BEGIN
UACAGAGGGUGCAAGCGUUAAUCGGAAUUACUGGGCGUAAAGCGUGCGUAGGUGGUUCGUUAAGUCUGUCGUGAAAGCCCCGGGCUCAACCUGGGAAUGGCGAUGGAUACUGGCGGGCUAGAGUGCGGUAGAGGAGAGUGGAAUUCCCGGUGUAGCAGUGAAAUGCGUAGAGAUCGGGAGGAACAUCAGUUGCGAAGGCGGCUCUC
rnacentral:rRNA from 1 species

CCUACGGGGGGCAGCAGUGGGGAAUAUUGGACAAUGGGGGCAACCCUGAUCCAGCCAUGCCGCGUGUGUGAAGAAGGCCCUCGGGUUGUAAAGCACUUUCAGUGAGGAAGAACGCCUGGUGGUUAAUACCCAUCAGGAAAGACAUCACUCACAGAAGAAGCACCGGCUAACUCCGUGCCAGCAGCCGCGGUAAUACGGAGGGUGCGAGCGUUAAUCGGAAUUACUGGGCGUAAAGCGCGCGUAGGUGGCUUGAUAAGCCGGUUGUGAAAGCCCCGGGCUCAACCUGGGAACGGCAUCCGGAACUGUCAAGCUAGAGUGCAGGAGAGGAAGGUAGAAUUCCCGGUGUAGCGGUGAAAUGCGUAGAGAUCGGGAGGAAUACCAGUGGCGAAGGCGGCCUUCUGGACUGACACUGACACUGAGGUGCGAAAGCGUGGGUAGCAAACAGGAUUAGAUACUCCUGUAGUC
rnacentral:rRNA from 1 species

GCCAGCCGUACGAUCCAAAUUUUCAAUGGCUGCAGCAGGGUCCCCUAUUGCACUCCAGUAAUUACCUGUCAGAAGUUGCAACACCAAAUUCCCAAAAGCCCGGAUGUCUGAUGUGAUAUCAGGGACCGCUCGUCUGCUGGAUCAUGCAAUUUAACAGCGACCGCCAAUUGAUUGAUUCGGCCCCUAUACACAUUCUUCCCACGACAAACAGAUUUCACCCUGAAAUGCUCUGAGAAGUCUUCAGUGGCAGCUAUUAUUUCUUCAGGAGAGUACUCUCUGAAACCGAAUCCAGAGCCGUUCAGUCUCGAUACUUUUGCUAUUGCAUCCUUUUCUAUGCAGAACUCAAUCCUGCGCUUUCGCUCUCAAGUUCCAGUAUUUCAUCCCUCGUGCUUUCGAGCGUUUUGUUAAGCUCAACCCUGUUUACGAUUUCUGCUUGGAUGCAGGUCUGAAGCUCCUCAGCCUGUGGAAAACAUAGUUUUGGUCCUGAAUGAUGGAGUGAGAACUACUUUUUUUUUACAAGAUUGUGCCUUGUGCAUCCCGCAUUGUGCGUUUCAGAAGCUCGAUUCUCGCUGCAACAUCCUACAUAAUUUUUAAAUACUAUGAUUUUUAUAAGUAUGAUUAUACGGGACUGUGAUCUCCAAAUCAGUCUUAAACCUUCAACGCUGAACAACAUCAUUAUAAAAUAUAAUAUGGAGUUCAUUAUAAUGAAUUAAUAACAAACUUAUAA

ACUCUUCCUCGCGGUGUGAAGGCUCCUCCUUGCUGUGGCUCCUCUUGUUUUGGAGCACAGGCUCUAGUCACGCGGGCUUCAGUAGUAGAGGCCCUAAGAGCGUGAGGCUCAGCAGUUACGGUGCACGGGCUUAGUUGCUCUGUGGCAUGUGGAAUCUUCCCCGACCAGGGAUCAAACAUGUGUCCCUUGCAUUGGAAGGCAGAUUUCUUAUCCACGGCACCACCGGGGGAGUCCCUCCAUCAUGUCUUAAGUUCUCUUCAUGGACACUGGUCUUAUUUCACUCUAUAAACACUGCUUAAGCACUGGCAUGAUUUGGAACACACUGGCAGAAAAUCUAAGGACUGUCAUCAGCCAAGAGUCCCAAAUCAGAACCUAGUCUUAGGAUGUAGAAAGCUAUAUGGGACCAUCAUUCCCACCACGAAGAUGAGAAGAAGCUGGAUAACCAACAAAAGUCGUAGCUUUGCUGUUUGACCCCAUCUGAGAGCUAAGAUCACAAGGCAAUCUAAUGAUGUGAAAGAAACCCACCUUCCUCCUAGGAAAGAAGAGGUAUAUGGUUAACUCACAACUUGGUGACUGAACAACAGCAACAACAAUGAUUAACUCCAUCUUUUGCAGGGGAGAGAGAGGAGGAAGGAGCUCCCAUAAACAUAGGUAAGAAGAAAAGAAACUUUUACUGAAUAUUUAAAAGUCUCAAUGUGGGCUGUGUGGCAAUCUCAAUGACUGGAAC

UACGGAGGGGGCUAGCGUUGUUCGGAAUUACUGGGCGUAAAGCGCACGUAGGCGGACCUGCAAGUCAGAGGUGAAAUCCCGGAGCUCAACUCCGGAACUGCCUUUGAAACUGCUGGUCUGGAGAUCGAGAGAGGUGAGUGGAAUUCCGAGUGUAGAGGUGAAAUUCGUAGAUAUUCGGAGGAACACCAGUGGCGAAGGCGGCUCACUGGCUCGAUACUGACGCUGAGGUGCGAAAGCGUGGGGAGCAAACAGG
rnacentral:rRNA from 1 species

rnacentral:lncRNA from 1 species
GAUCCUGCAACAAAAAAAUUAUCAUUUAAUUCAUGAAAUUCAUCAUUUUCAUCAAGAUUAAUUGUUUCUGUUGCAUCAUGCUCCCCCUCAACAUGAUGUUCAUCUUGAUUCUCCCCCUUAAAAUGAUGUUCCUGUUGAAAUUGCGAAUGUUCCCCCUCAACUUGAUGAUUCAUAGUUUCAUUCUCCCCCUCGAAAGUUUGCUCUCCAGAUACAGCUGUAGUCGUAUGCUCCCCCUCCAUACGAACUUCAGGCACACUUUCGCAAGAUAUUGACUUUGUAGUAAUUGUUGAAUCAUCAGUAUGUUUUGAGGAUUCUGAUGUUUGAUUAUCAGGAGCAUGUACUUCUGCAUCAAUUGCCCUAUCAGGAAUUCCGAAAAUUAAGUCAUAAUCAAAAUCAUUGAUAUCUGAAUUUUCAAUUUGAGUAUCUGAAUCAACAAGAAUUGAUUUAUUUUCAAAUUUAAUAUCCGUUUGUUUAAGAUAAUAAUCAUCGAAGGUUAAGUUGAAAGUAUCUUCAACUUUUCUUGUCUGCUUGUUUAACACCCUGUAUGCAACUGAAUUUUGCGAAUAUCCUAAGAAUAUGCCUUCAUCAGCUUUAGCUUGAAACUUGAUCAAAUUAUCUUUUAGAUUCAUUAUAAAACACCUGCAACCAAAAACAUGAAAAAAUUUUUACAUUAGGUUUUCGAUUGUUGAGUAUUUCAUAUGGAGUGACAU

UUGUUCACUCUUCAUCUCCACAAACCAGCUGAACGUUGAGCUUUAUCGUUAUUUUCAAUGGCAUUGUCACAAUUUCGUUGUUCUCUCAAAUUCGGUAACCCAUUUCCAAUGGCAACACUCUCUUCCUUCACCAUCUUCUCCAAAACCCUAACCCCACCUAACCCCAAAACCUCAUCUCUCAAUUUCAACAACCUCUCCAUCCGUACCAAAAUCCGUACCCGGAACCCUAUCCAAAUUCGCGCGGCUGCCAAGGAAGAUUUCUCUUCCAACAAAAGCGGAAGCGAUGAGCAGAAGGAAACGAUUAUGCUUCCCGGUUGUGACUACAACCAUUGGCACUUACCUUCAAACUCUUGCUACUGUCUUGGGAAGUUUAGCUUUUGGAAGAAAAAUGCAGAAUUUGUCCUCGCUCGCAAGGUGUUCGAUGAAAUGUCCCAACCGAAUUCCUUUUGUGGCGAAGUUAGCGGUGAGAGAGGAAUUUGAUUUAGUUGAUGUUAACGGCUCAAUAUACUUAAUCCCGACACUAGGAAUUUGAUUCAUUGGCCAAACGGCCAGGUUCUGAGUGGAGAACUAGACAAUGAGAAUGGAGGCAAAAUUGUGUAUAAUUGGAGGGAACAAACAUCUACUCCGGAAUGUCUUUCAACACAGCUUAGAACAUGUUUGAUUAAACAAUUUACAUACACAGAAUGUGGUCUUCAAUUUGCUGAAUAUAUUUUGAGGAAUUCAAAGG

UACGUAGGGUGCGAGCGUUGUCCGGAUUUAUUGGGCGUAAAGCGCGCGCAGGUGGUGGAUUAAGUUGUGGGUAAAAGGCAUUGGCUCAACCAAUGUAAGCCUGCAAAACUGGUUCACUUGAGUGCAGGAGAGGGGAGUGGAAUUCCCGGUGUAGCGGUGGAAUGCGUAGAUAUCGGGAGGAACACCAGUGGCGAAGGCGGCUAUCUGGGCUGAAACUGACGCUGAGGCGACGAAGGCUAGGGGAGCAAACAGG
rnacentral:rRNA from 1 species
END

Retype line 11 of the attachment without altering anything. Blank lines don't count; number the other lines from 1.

UUGUUCACUCUUCAUCUCCACAAACCAGCUGAACGUUGAGCUUUAUCGUUAUUUUCAAUGGCAUUGUCACAAUUUCGUUGUUCUCUCAAAUUCGGUAACCCAUUUCCAAUGGCAACACUCUCUUCCUUCACCAUCUUCUCCAAAACCCUAACCCCACCUAACCCCAAAACCUCAUCUCUCAAUUUCAACAACCUCUCCAUCCGUACCAAAAUCCGUACCCGGAACCCUAUCCAAAUUCGCGCGGCUGCCAAGGAAGAUUUCUCUUCCAACAAAAGCGGAAGCGAUGAGCAGAAGGAAACGAUUAUGCUUCCCGGUUGUGACUACAACCAUUGGCACUUACCUUCAAACUCUUGCUACUGUCUUGGGAAGUUUAGCUUUUGGAAGAAAAAUGCAGAAUUUGUCCUCGCUCGCAAGGUGUUCGAUGAAAUGUCCCAACCGAAUUCCUUUUGUGGCGAAGUUAGCGGUGAGAGAGGAAUUUGAUUUAGUUGAUGUUAACGGCUCAAUAUACUUAAUCCCGACACUAGGAAUUUGAUUCAUUGGCCAAACGGCCAGGUUCUGAGUGGAGAACUAGACAAUGAGAAUGGAGGCAAAAUUGUGUAUAAUUGGAGGGAACAAACAUCUACUCCGGAAUGUCUUUCAACACAGCUUAGAACAUGUUUGAUUAAACAAUUUACAUACACAGAAUGUGGUCUUCAAUUUGCUGAAUAUAUUUUGAGGAAUUCAAAGG